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Improvement of bonding between silicon carbide ceramics and metals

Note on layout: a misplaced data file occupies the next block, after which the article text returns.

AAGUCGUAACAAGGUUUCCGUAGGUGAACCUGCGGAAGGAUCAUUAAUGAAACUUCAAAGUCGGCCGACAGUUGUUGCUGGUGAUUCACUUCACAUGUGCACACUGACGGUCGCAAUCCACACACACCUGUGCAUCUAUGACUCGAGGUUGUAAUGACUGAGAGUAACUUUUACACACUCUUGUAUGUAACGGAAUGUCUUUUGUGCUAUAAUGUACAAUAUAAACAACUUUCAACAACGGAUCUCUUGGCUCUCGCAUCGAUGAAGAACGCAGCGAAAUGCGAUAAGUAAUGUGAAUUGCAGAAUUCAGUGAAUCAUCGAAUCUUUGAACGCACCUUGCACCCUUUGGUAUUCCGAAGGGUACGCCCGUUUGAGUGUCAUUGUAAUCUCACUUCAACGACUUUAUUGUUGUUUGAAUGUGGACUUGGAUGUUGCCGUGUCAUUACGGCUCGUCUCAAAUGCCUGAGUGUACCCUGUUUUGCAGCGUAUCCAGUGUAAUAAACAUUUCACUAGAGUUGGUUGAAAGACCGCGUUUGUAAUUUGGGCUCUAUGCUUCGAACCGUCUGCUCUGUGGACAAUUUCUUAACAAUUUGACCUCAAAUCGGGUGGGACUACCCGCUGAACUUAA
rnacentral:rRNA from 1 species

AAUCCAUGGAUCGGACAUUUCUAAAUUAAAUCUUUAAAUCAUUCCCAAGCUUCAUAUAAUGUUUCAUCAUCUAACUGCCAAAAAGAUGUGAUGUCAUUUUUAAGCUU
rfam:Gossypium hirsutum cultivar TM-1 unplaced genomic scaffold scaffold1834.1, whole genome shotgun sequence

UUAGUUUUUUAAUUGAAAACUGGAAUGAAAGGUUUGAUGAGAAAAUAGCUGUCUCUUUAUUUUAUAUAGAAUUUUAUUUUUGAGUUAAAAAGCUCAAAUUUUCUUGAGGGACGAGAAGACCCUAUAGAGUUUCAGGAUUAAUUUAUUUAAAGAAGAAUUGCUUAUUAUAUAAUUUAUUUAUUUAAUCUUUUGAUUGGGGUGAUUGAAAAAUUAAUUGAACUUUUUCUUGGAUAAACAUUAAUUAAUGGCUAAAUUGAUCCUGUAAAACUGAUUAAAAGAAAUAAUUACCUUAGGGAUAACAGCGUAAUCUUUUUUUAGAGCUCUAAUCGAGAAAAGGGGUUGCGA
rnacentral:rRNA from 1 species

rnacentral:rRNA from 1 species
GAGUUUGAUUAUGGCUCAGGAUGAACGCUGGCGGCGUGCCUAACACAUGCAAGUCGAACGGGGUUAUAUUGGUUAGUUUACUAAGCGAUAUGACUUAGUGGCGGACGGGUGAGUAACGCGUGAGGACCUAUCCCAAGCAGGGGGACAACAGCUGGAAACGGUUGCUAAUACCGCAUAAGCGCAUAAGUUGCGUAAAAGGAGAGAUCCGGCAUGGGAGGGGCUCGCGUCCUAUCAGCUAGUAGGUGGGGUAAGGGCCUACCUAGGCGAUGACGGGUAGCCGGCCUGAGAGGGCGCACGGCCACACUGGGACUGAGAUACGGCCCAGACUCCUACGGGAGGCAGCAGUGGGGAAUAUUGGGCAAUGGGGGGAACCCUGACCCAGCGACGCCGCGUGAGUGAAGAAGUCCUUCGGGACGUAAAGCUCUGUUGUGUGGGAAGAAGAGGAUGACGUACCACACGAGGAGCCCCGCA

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  • Save International Journal of Materials Engineering 2014, 4(6): 196-202 DOI: 10.5923/j.ijme.20140406.03 Improvements in Bonding of Silicon Carbide Ceramic to Metals D. Starikov1,*, R. Pillai1, T. Glenn3, J. Gandhi1,2, A. Price1, R. Delaney1, A. Bensaoula1 1Integrated Micro Sensors Inc, Houston, 2Department of Physics, University of Houston, Houston 3Ultimate Composites Analysis, Piedmont Abstract Bonding of silicon carbide (SiC) based ceramic to other materials, such as metals, is of high importance for many advanced applications in fusion reactors, hot gas path turbine and rocket components, and chemical reactors. In this work, we demonstrate that the improvement of bond strength between SiC ceramic and metals is feasible by the employment of micro-column arrays (MCA). MCA were fabricated by pulsed laser ablation on the surfaces of the materials prior to bonding. Computer based simulation and experimental analysis for select materials explain the advantages of employing the MCA technology. The experimental results show that employment of MCA structured surfaces result in significant improvement of bond strength, with over 300% increase in bond strength forbond-in-tension (BiT) configuration, and over 100% increase in bond strength for the lap shear configuration. In addition, cracking of the SiC ceramic during bonding is attributed solely to the CTE mismatch between brazing alloys and SiC, and will be addressed in future work. Keywords Aerospace materials, Ceramics, Silicon Carbide, Bonding, Micro-column array, Laser surface modification 1. Introduction Silicon carbide (SiC) based ceramics are very important for advanced ultra-high temperature and extremely harsh environment applications in fusion [1-3], hot gas path components for turbines and aerospace systems [4, 5], as well as armor and semiconductor applications [6]. Due to extreme hardness and relatively low ductility, SiC ceramic parts cannot be machined and assembled into reliable structural components. Therefore, bonding of SiC ceramic parts to various metals is used to simplify their integration in various systems and structures. While the SiC ceramic/metal bonds are not necessarily exposed to ultra-high temperatures, strong acids, or bases, they are still subjected to considerable environmental impacts and mechanical and thermal loads and stresses. Brazing and adhesive bonding are the most common methods for joining of SiC based ceramic with metals. However, due to high chemical and thermal inertness of SiC and high differences in coefficients of thermal expansion (CTE) between SiC based ceramics and metals, the bonds are either not formed, or have a very low reliability. Efforts by several groups have been focused on the improvement of brazing of SiC based ceramic to various * Corresponding author: (D. Starikov) Published online at Copyright © 2014 Scientific & Academic Publishing. All Rights Reserved materials, including low thermal expansion glass [7], and metal alloys [8], however, employment of intermediate complex matrix nanocomposites of SiC with/and different fillers [9-11], is lately being intensively investigated for improvement of SiC ceramic bonding to various metals. We have previously reported substantial improvements in bonding of similar (Ti/Ti and CFRP/CFRP) and dissimilar (Si3N4based ceramic/Ti alloy and CFRP/metal) materials by employment of micro column arrays (MCA) formed by pulsed laser ablation on the surfaces of the materials prior to bonding [12-14]. Here, we present our results on the improvement of the bond strength between SiC ceramic and selected metals by applying of the MCA structures to surfaces of both materials prior to bonding. In the following section we present detailed description of stages that involved optimization and testing of the bond strength. These include (1) formation and optimization of the MCA fabrication on SiC ceramic and select metals, (2) modeling of the SiC ceramic/metal bonds, fabrication and bonding of MCA structured and unstructured SiC ceramic and metal coupons, (3) brazing and adhesive bonding of the SiC ceramic coupons to the metal coupons, and (4) testing of the bond strength of the coupon structures assembled in various configurations. 2. Experimental Work, Modeling, and Testing The SiC based ceramic selected for our experiments was International Journal of Materials Engineering 2014, 4(6): 196-202 197 Hexoloy® SA silicon carbide produced by pressure less sintering of submicron silicon carbide powder. This material can be formed into complex shapes with greater than 98% theoretical density, and reliably performs at temperatures in excess of 1900˚C in open air. Hexoloy® SA SiC is highly resistant to corrosion, erosion, sliding wear, high temperature, and thermal shock [15]. The first metal selected for bonding to SiC based ceramic was Ti6Al4V titanium alloy, which exhibits high strength, low weight/volumeratio, outstanding corrosion resistance, good machinability, and excellent mechanical properties [16]. The second metal selected for bonding with SiC ceramic was Kovar, an iron-nickel-cobalt alloy with a controlled coefficient of thermal expansion similar to that of hard glass and alumina ceramic. This makes it suitable for uses, which require a matched-expansion seal between metal and glass or ceramic parts [17]. For brazing, we used Incusil ABA, a high-purity active braze alloy of silver, copper, indium, and titanium (59.0% Ag, 27.25% Cu, 12.50% In and 1.25% Ti), developed for direct application to ceramic surfaces. This brazing alloy wets and bonds to virtually any metallic surface, as well as to non-metallics, such as oxides, nitrides and carbides. It allows ceramic-to-ceramic and ceramic-to-metalsurfaces to be brazed without metallizing, firing, or electroplating, while cutting manufacturing time and costs of ceramic/metal assemblies, and produces strong, highly reliable and vacuumtightbrazed joints [18]. 2.1. Formation and Optimization of MCA Structures A 100 W, ND: YAG marking laser with a wavelength at 1.06 µm was used for MCA processing of all samples in this study. The laser pulse parameters that were varied during the MCA optimization process were: laser current (A) proportional to the average laser power, pulsing frequency (kHz), and laser pulse duration (µs). The laser is equipped with galvoheads that allow for computer programmable laser beam scanning in two orthogonal directions with a predefined speed. All SiC ceramic samples were processed in argon atmosphere conditions provided by using a small chamber equipped with valves for argon purging. We applied 36 sets of pulsed laser ablation parameters for SiC ceramic MCA processing. Only three of them resulted in applicable MCAs and only one has been selected for processing of all SiC ceramic coupons used in this work. This selection was based on absence of micro cracks observed on SEM images taken from samples processed by using the other two recipes. This selected recipe is based on setting the following laser system parameters: 15.5 A laser current, 176 mm focal length, 4 mm/s scan speed, 1.6 μs pulse width, 25 μm hatch gap, and 5 kHz frequency The SEM images of the corresponding processed sample surface are shown in Figure 1a. Figure 1b represents SEM images of the MCA processed Ti alloy coupons and Figure 1c shows optical images of the laser processed Kovar coupons. The processing of the Ti alloy was optimized in a similar manner. Over 37 recipes were tested by varying power, pulse width, scan speed, and hatch spacing. Unlike SiC, the Ti alloy samples were processed in ambient air, which proved effective, more convenient, and cost effective. Two optimized recipes resulted in the most regular MCA structures with drastically increased specific surface area. The first recipe had the following set of parameters: laser current of 16.3 A, focal distance of 177.5 mm, 25 μm hatch gap, 1μs pulse width, 4 mm/s scan speed, and 5 kHz frequency. Figure 1b shows SEM images of the Ti alloy sample processed by using this recipe. The second recipe had a slightly higher current of 16.4 A. This recipe was selected based on the better ordering of the MCA structure and the health of the individual columns. Out of 8 recipes used for MCA processing of Kovar, the best structure was achieved at the following laser system parameters: stage height = 179 mm from lens face to sample surface, glass interface with argon environment, double hatch etching with a 0.05 mm gap between hatch marks, 1.5 µs laser pulse width, mark speed of 4 mm/s, and laser current of 19.1 A (13.9 W). While the structure was not as regular as for the Ti alloy and SiC ceramic, it still represented a uniform, and on average, very high specific surface area morphology. SEM imaging of Kovar samples was problematic due to high levels of magnetization causing the samples to move during the SEM observations. Figure 1c shows optical images of the processed Kovar coupon surface at two different magnifications. 2.2. Simulation of Materials/Structures Performance Prior to fabricating samples for testing, we performed modeling of the bond between metal and ceramic surfaces with and without the MCA structures in order to understand the potential failure mechanisms. We used ANSYS Structural finite element analysis application (Figure 2), that represents a best in class engineering analysis software, providing linear and nonlinear solution capabilities by incorporating, nonlinear temperature-dependent material properties into a nonlinear structural analysis. Rectangular shape coupons were defined and modeled using ANSYS Structural software. First, non-structured material assemblies were modeled. Figure 2a shows the structural model with constraints along the Uy and Uz direction, allowing the structure to move along the x direction. The bottom metal material is Kovar and the ceramic material is SiC. A theoretical load of 250 lb, which corresponds to a shear stress of 5000 lb/in2 at the bond interface, is applied along the x-direction on the Kovar side of the bonded coupons. Of the materials that we investigated, Kovar, and SiC ceramic have the closest CTEs. Incusil ABA was used due to its high bond strength and relatively low temperature of brazing. The model shown in Figure 2b includes an interface that is representative of a thin layer of Incusil. The stress under load is shown in Figures2c and 2d. A stress concentration in the 198 D. Starikov et al.: Improvements in Bonding of Silicon Carbide Ceramic to Metals middle of the SiC coupon of 93450 Psi is shown in Figure 2e Figure 2f shows the SiC ceramic/Incusil centerline bond stress along the z axis (peel stress). The resulting maximum stress is 47401 Psi. Similarly, a model was built to study the improvement of the SiC/Ti alloy bond by employing MCA structures on the bonded surfaces of the two material coupons. Figure 2g shows the micro columns with 30 μm base diameter and 30 μm height uniformly distributed with 200 μm spacing on the surface of the material bond area. Figure 2g also shows the maximum stress along the x direction of 126237 Psi. Figure 2h shows the SiCceramic/ Incusil centerline bond strength with a maximum stress of 57114 Psi along the z direction. a) b) c) Figure 1. MCA processed surfaces: a) SEM images of: (left) SiC samples processed under argon ambient, with a laser frequency of 5 kHz, 15.5 A current, scan speed of 4 mm/s, pw 1.6 μs, 176 mm focal length and 25 μm hatch spacing; (right) magnified image of MCA; b) SEM images of different magnification showing Ti alloy samples processed under ambient air, with a laser frequency of 5 kHz, 16.4 A current, scan speed of 4 mm/s, pw 1 μs, 177.5 mm focal length and 25 μm hatch spacing; c) Optical images at low (left) and high (right) magnifications of the MCA processed Kovar coupon surface International Journal of Materials Engineering 2014, 4(6): 196-202 199 a) b) c) d) e) f) g) h) Figure 2. ANSYS Structural finite element analysis: a) Model showing the applied stress and constraints between a Kovar and SiCceramic coupon;b) Model showing the Incusil at the interface between the two materials; c) Model built to study the bond improvement by employing of MCA processing; d)Micro columns with 30 μm base diameter and 30 μm height uniformly distributed with 200 μm spacing on the surface of the material bond area; e) Stress distribution under load along x axis. Stress concentration in the middle of the SiC coupon is 93450 Psi; f) Ceramic/Incusil centerline bond stress along the z axis. Maximum stress in SIC coupon is 47401 Psi; g) Maximum stress along the x direction of 126237 Psi; h)Ceramic/Incusil centerline bond stress along the z axis. Maximum stress in SIC coupon is 57144 Psi 200 D. Starikov et al.: Improvements in Bonding of Silicon Carbide Ceramic to Metals 2.3. Bonding of SiC Ceramic to Kovar and Ti6Al4V Titanium Alloy The bonding of SiC ceramic and metal coupons was performed in two configurations: lap shear pulling tests, and bond-in-tension (BiT) or tensile pulling tests. Brazing was performed in a 4-zone high temperature quartz tube furnace with capabilities of reaching temperatures in excess of 1000℃. The quartz tube was purged with argon gas and the samples were loaded and held together in accommodating fixtures during the brazing process, which occurred in an argon atmosphere. The assemblies containing the fixtures and coupons were positioned in the center of the furnace for maximum temperature uniformity. The brazing material used for these experiments was an 85 μm thick Incusil ABA foil. The foil was placed in the bond area prior to loading into the holding fixtures. First, we bonded unprocessed (no-MCA) SiC ceramic coupons to unprocessed (no-MCA) Ti alloy and Kovarcoupons. Ti alloy and Kovar coupons were sandblasted prior to bonding with the SiC ceramic coupons. The brazing was performed by heating in two stages: first keeping them at 500℃ for 20 min, and then at 730-744.5℃ for 15 min, before gradually cooling down the furnace. Once the Ti alloy/SiC ceramic/Ti alloy coupons were taken out of the furnace, we noticed that SiC ceramic coupons were already cracked near the bond areas and had separated from the Ti alloy coupons even before further handling. In order to find out if the bonding will benefit from employment of the MCA structuring of the surface, we bonded two unprocessed (no-MCA) Ti coupons with a partially processed SiC coupon. This means one side of the SiC was processed and had MCA structures on it, while the other was unprocessed (with no MCAs on it). We followed similar brazing regimes as in the case of the previous samples. When the samples were pulled out of the furnace tube the only coupon that was intact with the Ti alloy coupon was one with the MCA processed surface. There was a hairline crack on the SiC ceramic coupon several millimeters away from the bonding interface, but it was still in one piece. On the other side of the assembly, with no MCAs, the SiC ceramic had cracked completely and detached from the Ti alloy coupon. Unfortunately, applying a small torque by hand on the side of the SiC ceramic coupon with MCAs was enough to break the SiC ceramic coupon along the crack line, while the several millimeter thick bonded part of the SIC ceramic coupon stayed firmly in place. In order to study the nature of the effect of the brazing alloy on SiC coupon, we placed a small piece of Incusil foil on a slab of SiC and followed normal brazing annealing procedures described above. After the brazing, we observed that the Incusil foil by itself was sufficient to create enough residual stress on the SiC coupon to initiate a crack. A portion of the SiC coupon came off with the Incusil foil when it was pulled apart by hand. Brazing of MCA processed SiC ceramic to MCA processed Kovar by using Incusil ABA was performed in a way similar to SiC ceramic/Ti alloy brazing. While brazed assemblies survived handling, cracking of the SiC coupons several millimeters from the bond interface occurred during loading into the stress test equipment. The fracture most likely resulted from very insignificant misalignment of the gripping fixtures in the load frame that created enough torque to break the thermally pre-stressed SiC ceramic coupons. Based on the technical data and specifications supplied by materials manufacturers, Kovar has a CTE that is closer in value to SiC ceramic than that of the Ti alloy employed in our previous tests. In addition, we have already shown above that MCA processing of SiC coupons, besides improvement of wettability, allows for the relaxation of the residual stress in an at least several millimeters thick SiC ceramic layer within the bonding interface. Thus, the cracks in SiC developed during brazing to the Ti alloy and Kovar coupons are primarily due to the difference in CTE between SiC ceramic and Incusil brazing alloy. The broken parts of the samples, each with a thin piece of SiC ceramic still bonded to the metal surface by the brazing material were preserved for testing in a shifting configuration, where the maximum force was applied in a direction parallel to the bonding interface and as close as possible to the bond line. Compared to pulling,this method allowed for minimal cracking of SiC coupons during shear stress testing. Several coupons were also fabricated for the BiT testing. The 0.0625” thick 0.75x0.75” square SiC ceramic coupons were MCA processed on both sides using the optimized recipe, and Kovar and Titanium alloys coupons were processed to form MCA structures on the surface designated for bonding. The Ti alloy/SiC ceramic/Ti alloy and Kovar/SiC ceramic/Kovar assemblies with MCA processed and unprocessed surfaces were then brazed in the tube furnace by using Incusil ABA as a brazing alloy. In order to study potential advantages that can be introduced by the MCA technology for adhesive bonding, we used a high strength high temperature (over 150°C) carbon nanotube reinforced Epovex® epoxy from Zyvex Technologies [19] to bond SiC ceramic/Kovar and SiC ceramic /Ti alloy assemblies. The epoxy has a high strength of 4,500 Psi, and is cured at a low temperature of 80 oC in a conventional laboratory oven. We bonded a non-processed (no MCA) SiC ceramic coupon to a non- processed (no MCA) Kovar coupon to be used as the reference sample for both Kovar and Ti alloy coupons bonded to SiC ceramic, assuming there is no chemical reactions between the adhesive and both metals. We also bonded MCA structured SiC ceramic and Kovar coupons and MCA structured SiC and Titanium alloy coupons. All samples were bonded in the same batch. International Journal of Materials Engineering 2014, 4(6): 196-202 201 2.4. Testing the Bond Strength of the Assembled Coupon Structures By using the shifting technique we were able to test the bond strength of the broken SiC ceramic/Kovar coupons. On average the MCA processed surfaces had higher shear bond strength than the non-MCA ones. The stress testing results are illustrated in Figure 3. Bonding of Ti alloy to SiC ceramic indicated almost 100% increase in bond strength from 1000 Psi to over 2000 Psi as shown in Figure 3a. The results of shear stress testing (Figure 3b) of the adhesively bonded samples indicate 30% and 12% increase of the bond strength for Kovar/SiC ceramic and Ti alloy/SiC ceramic, respectively, by employment of MCA processing. 3. Conclusions The results on Ti alloy/SiC ceramic structures brazed by using Incusil brazing alloy show an increase of over 100% in bond strength from 1,000 Psi to over 2,000 Psi by using MCA technology on the pre-bonded surfaces. However, we believe the bond could be stronger, if the built in stress was better managed by applying a longer cool down process and a brazing alloy with a better matching CTE. A high strength high temperature epoxy was used for adhesive bonding to demonstrate bonding improvement provided by the MCA surface modification. In the shear test configuration, the MCA structured coupons showed a higher bond strength than the unstructured coupons, with over 30% increase in the bond strength of Kovar/SiC ceramic coupons and a 12% increase for the Ti alloy/SiC ceramic coupons. Moreover, the bond strengths are much higher for the epoxy bonded coupons (e.g. 4,000 Psi for Kovar/SiC ceramic) than for the brazed coupons (e.g. 2,000 Psi for Kovar/SiC ceramic). This highly suggests that existence of a residual stress is a determinant factor for the bond failure in the brazed coupons. We observed that the brazed structures indicated as high as 100% improvement in bond strength, proving that MCA structuring reduces the built in stress, due to the inherent elasticity of the micro columns. Bond-in-tension (tensile) test using adhesive bonding shows over 300% improvement in bond strength for MCA structured coupons. It was evident that MCA structuring improved adhesion of the epoxy with the coupon surfaces, while the epoxy easily delaminated from non-structured surfaces. a) b) c) Figure 3. Stress testing results: a) Bond strengths for brazed MCA processed and unprocessed Ti alloy/SiC ceramic samples; b) Improved adhesive shear bond strength of MCA structured coupons over unstructured coupons; c) Tensile bond strength of the adhesively bonded MCA structured and unstructured assemblies 202 D. Starikov et al.: Improvements in Bonding of Silicon Carbide Ceramic to Metals ACKNOWLEDGEMENTS We would like to acknowledge funds from the DOE SBIR Phase I award to Integrated Micro Sensors Inc, and Department of Civil Engineering of the University of Houston for providing the testing facilities and guidance. We would like to thank Prof. Mina Dawood and Dr. El-Tahan, Mossab for their assistance and guidance in setting up the experiments. 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Drastic Improvements of the Bonding between Very Dissimilar Materials. 2010 National Space and Missile Materials Symposium (NSMMS). June 28-July 1, Scottsdale AZ, 2010. [15] Hexoloy® SA Silicon Carbide technical data, Saint-Gobain Ceramics, Structural Ceramics, Hexoloy® Products, [16] Arcam AB, Sweden, [17] Kovar & Rodar F15 Alloy, National Electronic Alloys Inc, [18] Morgan TechnicalCeramics, [19] Zyvex Technologies,